Pushing a MotoGP bike to the limit in
practice or qualifying is one thing, but
what about when it’s time to get racing?
We asked LCR Honda ace Cal Crutchlow
to describe what it’s like to go fairing to
fairing with 20 other guys all as hungry
for the win as you are...
“On the starting grid it’s a really tense
moment,” he says. “You’ve worked all
weekend to be there, but you can easily
be out of it on the first lap because
everybody’s so close together. The
concentration level is very, very high
because the stakes are very, very high.
“One thing that’s really clear that I’ve
noticed is that we can practice starts all
week, but when you’re on that grid, you
always make a worse start. Strange, that...
I think it’s a combination of reaction time
to the lights, plus the sheer amount of
noise around you – you can’t hear your own
motorcycle; you can’t hear the RPMs dying.
But it’s such a crucial point in the race to
be able to get the best start possible.
“The first laps are the most hectic with
all the passing – left, right, up the inside.
You can’t hold back; you have to be as
aggressive as the other guys and try and
make things happen. In the last couple of
years, the amount of passing in MotoGP
has gone through the roof, which makes
you’re in a fight for ninth, or 10th,
or whatever, and you can’t get past
somebody, or if the fight is slowing you
up, it’s frustrating because the group
ahead of you is going away. But, yeah, I
do love to be in the battle, that’s for sure.
“I always try to pass people in the not
so obvious places. I like to go through
chicanes and chop back on the second
part of the chicane because no one ever
expects it. For example, if there’s a
left-hand chicane – one that goes left and
then right – when the guy ahead is going
around the left, they’ll pull as far left as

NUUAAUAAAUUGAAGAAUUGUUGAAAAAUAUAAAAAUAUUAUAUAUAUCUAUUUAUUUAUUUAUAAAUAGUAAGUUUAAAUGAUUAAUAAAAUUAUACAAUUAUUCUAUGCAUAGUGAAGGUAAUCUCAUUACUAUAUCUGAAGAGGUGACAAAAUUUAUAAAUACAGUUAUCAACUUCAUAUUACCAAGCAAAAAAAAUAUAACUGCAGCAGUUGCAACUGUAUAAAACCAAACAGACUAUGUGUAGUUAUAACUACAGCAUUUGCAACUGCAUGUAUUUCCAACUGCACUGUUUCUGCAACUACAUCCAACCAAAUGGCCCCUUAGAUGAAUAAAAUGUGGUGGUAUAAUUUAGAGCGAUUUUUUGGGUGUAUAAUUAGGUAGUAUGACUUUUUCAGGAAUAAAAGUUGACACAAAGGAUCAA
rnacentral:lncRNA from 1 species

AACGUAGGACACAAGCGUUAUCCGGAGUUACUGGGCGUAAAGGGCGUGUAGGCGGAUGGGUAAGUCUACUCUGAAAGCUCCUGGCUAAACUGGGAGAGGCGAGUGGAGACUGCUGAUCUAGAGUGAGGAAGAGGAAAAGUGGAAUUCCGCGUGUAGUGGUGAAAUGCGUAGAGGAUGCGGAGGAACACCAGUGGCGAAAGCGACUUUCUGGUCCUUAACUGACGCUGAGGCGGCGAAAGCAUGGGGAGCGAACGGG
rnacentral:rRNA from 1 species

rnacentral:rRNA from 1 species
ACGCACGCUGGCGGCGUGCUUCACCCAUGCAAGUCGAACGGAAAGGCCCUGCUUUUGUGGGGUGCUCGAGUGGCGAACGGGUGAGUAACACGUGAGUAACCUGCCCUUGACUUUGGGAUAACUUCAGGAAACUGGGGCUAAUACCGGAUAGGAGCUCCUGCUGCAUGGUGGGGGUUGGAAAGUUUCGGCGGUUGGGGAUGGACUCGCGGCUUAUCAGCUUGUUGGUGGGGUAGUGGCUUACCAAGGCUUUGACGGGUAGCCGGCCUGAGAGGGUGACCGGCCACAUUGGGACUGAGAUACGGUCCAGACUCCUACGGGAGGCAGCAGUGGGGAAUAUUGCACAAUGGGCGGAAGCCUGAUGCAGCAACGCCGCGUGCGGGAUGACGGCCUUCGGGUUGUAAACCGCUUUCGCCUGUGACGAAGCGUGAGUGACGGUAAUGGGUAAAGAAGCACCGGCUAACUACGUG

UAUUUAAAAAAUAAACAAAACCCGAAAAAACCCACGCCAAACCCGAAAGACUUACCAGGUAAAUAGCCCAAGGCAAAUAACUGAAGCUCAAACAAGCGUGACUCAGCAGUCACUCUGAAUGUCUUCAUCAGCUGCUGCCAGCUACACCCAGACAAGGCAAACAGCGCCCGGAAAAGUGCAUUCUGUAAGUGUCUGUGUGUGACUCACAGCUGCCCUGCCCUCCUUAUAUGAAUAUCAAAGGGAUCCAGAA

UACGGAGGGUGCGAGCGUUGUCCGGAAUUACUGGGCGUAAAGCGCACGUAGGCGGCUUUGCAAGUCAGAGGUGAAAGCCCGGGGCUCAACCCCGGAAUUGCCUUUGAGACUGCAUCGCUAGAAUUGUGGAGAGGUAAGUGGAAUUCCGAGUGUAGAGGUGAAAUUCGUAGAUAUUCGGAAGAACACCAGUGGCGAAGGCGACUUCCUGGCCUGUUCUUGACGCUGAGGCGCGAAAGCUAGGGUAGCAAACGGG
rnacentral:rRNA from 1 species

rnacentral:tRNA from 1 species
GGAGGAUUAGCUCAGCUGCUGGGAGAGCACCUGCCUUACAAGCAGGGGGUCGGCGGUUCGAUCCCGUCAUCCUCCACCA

they can to get the best exit out of the
right-hander. If I can find an opening up
the inside, it makes them pretty much
stop and they’ve got nowhere to go. I did
it on Dovi [Andrea Dovizioso] a couple of
years ago in Malaysia and it didn’t work
and I knocked him off... So yeah,
sometimes it is quite a risky move, but it’s
my favorite pass to be able to pull.
“After crossing the finish line, on the
slow-down lap I love to congratulate the
people that I was racing against. They’re
doing exactly the same as me, and they
want the exact same goal as me, and I
know how tough it is for all of us. It’s
always a nice part of it to share that
moment with the other riders.”
“I love being in the fight...” (BELOW)
RUNNING WITH THE PACK
Crutchlow heads Danilo Petrucci and
Valentino Rossi in the Czech GP. The
scrap would play out with Rossi fourth,
Crutchlow fifth and Petrucci seventh.
Lose focus for an instant on a MotoGP bike
and it’ll bite, big time. (ABOVE) Crutchlow
gets in the zone on his LCR Honda.
Racing a MotoGP bike is a 200mph game of inches. For Cal Crutchlow, going wheel to wheel is what it’s all about.
for great viewing. You look at how many
passes we make, and if you’re comparing
us to Formula 1, the passes and the
moves we make in a single lap can
sometimes be more than an entire
Formula 1 race. Out on the track, we’re
all rivals, but we do respect each other.
To be able to ride an inch apart – or even
touching a lot of the time – we have to.
“Racing hard and battling with a pack
of riders is way more exciting than just
riding a race on your own. I love it; I love
being in the fight. Well, as long as the
fight is for a good position, that is. If
RIDING THE ROCKET SHIP